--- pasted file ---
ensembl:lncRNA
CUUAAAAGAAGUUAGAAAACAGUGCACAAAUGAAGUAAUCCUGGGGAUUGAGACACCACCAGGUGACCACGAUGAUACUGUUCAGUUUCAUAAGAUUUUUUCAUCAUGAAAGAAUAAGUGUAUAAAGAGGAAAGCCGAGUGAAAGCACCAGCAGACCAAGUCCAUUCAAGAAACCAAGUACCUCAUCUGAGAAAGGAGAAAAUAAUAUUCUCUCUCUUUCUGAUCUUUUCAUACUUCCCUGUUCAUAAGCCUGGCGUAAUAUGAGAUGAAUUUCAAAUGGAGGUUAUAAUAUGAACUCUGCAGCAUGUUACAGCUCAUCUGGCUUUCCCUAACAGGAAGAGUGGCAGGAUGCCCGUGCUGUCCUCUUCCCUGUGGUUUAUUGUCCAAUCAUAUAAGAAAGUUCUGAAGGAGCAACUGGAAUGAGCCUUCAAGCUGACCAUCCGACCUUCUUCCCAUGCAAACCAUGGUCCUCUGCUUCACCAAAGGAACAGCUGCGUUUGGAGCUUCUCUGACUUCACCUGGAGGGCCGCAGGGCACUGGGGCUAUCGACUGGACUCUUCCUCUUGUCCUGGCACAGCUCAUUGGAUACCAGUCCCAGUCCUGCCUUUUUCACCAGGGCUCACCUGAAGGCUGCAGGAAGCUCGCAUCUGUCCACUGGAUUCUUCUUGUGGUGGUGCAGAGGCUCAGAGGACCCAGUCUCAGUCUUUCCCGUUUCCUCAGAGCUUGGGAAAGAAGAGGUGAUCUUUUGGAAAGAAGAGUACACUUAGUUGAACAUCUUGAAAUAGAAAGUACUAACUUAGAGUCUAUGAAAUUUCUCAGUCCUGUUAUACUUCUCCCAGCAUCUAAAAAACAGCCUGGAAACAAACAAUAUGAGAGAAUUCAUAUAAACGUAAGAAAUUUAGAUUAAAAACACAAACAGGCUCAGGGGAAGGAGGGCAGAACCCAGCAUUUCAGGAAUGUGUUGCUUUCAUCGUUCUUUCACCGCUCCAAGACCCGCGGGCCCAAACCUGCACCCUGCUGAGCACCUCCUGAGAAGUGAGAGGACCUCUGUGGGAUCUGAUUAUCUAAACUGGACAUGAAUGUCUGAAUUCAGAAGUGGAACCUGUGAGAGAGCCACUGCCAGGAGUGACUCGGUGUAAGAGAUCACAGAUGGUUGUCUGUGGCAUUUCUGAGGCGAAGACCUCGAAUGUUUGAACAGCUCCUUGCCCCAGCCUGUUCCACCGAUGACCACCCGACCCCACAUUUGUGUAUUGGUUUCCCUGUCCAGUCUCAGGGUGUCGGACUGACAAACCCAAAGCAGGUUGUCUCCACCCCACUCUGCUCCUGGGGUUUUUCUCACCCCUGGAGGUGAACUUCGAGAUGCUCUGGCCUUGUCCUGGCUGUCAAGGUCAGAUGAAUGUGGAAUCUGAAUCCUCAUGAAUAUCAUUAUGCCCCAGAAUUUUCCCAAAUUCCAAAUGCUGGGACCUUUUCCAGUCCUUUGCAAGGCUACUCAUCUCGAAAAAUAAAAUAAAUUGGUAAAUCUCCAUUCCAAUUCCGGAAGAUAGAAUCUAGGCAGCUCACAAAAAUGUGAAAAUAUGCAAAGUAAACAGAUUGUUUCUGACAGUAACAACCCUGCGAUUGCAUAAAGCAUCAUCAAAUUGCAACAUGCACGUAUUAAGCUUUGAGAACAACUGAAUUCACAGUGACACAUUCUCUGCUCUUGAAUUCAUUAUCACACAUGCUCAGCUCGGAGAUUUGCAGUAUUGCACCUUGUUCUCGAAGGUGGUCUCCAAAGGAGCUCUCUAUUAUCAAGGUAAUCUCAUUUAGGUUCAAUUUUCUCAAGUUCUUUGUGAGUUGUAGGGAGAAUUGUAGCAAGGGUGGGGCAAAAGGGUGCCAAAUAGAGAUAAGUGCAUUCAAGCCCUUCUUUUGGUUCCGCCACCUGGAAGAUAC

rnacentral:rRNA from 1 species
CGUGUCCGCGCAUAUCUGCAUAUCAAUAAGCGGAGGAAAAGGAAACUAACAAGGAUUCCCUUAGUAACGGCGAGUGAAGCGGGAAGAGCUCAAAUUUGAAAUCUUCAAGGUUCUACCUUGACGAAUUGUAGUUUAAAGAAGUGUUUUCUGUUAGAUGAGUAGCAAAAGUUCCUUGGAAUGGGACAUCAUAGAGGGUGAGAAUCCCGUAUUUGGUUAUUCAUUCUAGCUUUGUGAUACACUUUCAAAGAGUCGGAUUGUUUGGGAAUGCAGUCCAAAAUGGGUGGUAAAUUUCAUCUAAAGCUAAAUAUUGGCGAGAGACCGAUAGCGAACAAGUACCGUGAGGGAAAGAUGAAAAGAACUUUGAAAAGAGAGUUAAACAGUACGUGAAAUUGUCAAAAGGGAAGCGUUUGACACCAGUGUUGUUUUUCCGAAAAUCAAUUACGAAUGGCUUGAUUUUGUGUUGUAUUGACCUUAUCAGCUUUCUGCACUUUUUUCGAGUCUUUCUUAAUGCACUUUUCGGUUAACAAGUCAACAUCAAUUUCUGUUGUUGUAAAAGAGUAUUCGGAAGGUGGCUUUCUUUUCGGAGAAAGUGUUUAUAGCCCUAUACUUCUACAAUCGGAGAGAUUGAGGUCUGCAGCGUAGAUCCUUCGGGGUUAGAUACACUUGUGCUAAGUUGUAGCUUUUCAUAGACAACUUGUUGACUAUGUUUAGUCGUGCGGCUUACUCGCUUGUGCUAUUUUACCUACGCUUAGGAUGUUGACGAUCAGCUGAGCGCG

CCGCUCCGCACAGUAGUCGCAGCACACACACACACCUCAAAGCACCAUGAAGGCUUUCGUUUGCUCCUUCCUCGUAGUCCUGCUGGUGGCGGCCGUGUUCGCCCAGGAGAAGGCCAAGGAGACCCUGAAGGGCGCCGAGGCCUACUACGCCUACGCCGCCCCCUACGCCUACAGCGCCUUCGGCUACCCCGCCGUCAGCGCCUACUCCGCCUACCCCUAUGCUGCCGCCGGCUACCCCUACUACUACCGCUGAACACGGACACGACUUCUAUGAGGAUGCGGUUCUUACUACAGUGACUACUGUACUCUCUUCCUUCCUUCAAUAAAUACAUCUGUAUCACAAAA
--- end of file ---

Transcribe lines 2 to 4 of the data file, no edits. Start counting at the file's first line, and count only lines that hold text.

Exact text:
CUUAAAAGAAGUUAGAAAACAGUGCACAAAUGAAGUAAUCCUGGGGAUUGAGACACCACCAGGUGACCACGAUGAUACUGUUCAGUUUCAUAAGAUUUUUUCAUCAUGAAAGAAUAAGUGUAUAAAGAGGAAAGCCGAGUGAAAGCACCAGCAGACCAAGUCCAUUCAAGAAACCAAGUACCUCAUCUGAGAAAGGAGAAAAUAAUAUUCUCUCUCUUUCUGAUCUUUUCAUACUUCCCUGUUCAUAAGCCUGGCGUAAUAUGAGAUGAAUUUCAAAUGGAGGUUAUAAUAUGAACUCUGCAGCAUGUUACAGCUCAUCUGGCUUUCCCUAACAGGAAGAGUGGCAGGAUGCCCGUGCUGUCCUCUUCCCUGUGGUUUAUUGUCCAAUCAUAUAAGAAAGUUCUGAAGGAGCAACUGGAAUGAGCCUUCAAGCUGACCAUCCGACCUUCUUCCCAUGCAAACCAUGGUCCUCUGCUUCACCAAAGGAACAGCUGCGUUUGGAGCUUCUCUGACUUCACCUGGAGGGCCGCAGGGCACUGGGGCUAUCGACUGGACUCUUCCUCUUGUCCUGGCACAGCUCAUUGGAUACCAGUCCCAGUCCUGCCUUUUUCACCAGGGCUCACCUGAAGGCUGCAGGAAGCUCGCAUCUGUCCACUGGAUUCUUCUUGUGGUGGUGCAGAGGCUCAGAGGACCCAGUCUCAGUCUUUCCCGUUUCCUCAGAGCUUGGGAAAGAAGAGGUGAUCUUUUGGAAAGAAGAGUACACUUAGUUGAACAUCUUGAAAUAGAAAGUACUAACUUAGAGUCUAUGAAAUUUCUCAGUCCUGUUAUACUUCUCCCAGCAUCUAAAAAACAGCCUGGAAACAAACAAUAUGAGAGAAUUCAUAUAAACGUAAGAAAUUUAGAUUAAAAACACAAACAGGCUCAGGGGAAGGAGGGCAGAACCCAGCAUUUCAGGAAUGUGUUGCUUUCAUCGUUCUUUCACCGCUCCAAGACCCGCGGGCCCAAACCUGCACCCUGCUGAGCACCUCCUGAGAAGUGAGAGGACCUCUGUGGGAUCUGAUUAUCUAAACUGGACAUGAAUGUCUGAAUUCAGAAGUGGAACCUGUGAGAGAGCCACUGCCAGGAGUGACUCGGUGUAAGAGAUCACAGAUGGUUGUCUGUGGCAUUUCUGAGGCGAAGACCUCGAAUGUUUGAACAGCUCCUUGCCCCAGCCUGUUCCACCGAUGACCACCCGACCCCACAUUUGUGUAUUGGUUUCCCUGUCCAGUCUCAGGGUGUCGGACUGACAAACCCAAAGCAGGUUGUCUCCACCCCACUCUGCUCCUGGGGUUUUUCUCACCCCUGGAGGUGAACUUCGAGAUGCUCUGGCCUUGUCCUGGCUGUCAAGGUCAGAUGAAUGUGGAAUCUGAAUCCUCAUGAAUAUCAUUAUGCCCCAGAAUUUUCCCAAAUUCCAAAUGCUGGGACCUUUUCCAGUCCUUUGCAAGGCUACUCAUCUCGAAAAAUAAAAUAAAUUGGUAAAUCUCCAUUCCAAUUCCGGAAGAUAGAAUCUAGGCAGCUCACAAAAAUGUGAAAAUAUGCAAAGUAAACAGAUUGUUUCUGACAGUAACAACCCUGCGAUUGCAUAAAGCAUCAUCAAAUUGCAACAUGCACGUAUUAAGCUUUGAGAACAACUGAAUUCACAGUGACACAUUCUCUGCUCUUGAAUUCAUUAUCACACAUGCUCAGCUCGGAGAUUUGCAGUAUUGCACCUUGUUCUCGAAGGUGGUCUCCAAAGGAGCUCUCUAUUAUCAAGGUAAUCUCAUUUAGGUUCAAUUUUCUCAAGUUCUUUGUGAGUUGUAGGGAGAAUUGUAGCAAGGGUGGGGCAAAAGGGUGCCAAAUAGAGAUAAGUGCAUUCAAGCCCUUCUUUUGGUUCCGCCACCUGGAAGAUAC

rnacentral:rRNA from 1 species
CGUGUCCGCGCAUAUCUGCAUAUCAAUAAGCGGAGGAAAAGGAAACUAACAAGGAUUCCCUUAGUAACGGCGAGUGAAGCGGGAAGAGCUCAAAUUUGAAAUCUUCAAGGUUCUACCUUGACGAAUUGUAGUUUAAAGAAGUGUUUUCUGUUAGAUGAGUAGCAAAAGUUCCUUGGAAUGGGACAUCAUAGAGGGUGAGAAUCCCGUAUUUGGUUAUUCAUUCUAGCUUUGUGAUACACUUUCAAAGAGUCGGAUUGUUUGGGAAUGCAGUCCAAAAUGGGUGGUAAAUUUCAUCUAAAGCUAAAUAUUGGCGAGAGACCGAUAGCGAACAAGUACCGUGAGGGAAAGAUGAAAAGAACUUUGAAAAGAGAGUUAAACAGUACGUGAAAUUGUCAAAAGGGAAGCGUUUGACACCAGUGUUGUUUUUCCGAAAAUCAAUUACGAAUGGCUUGAUUUUGUGUUGUAUUGACCUUAUCAGCUUUCUGCACUUUUUUCGAGUCUUUCUUAAUGCACUUUUCGGUUAACAAGUCAACAUCAAUUUCUGUUGUUGUAAAAGAGUAUUCGGAAGGUGGCUUUCUUUUCGGAGAAAGUGUUUAUAGCCCUAUACUUCUACAAUCGGAGAGAUUGAGGUCUGCAGCGUAGAUCCUUCGGGGUUAGAUACACUUGUGCUAAGUUGUAGCUUUUCAUAGACAACUUGUUGACUAUGUUUAGUCGUGCGGCUUACUCGCUUGUGCUAUUUUACCUACGCUUAGGAUGUUGACGAUCAGCUGAGCGCG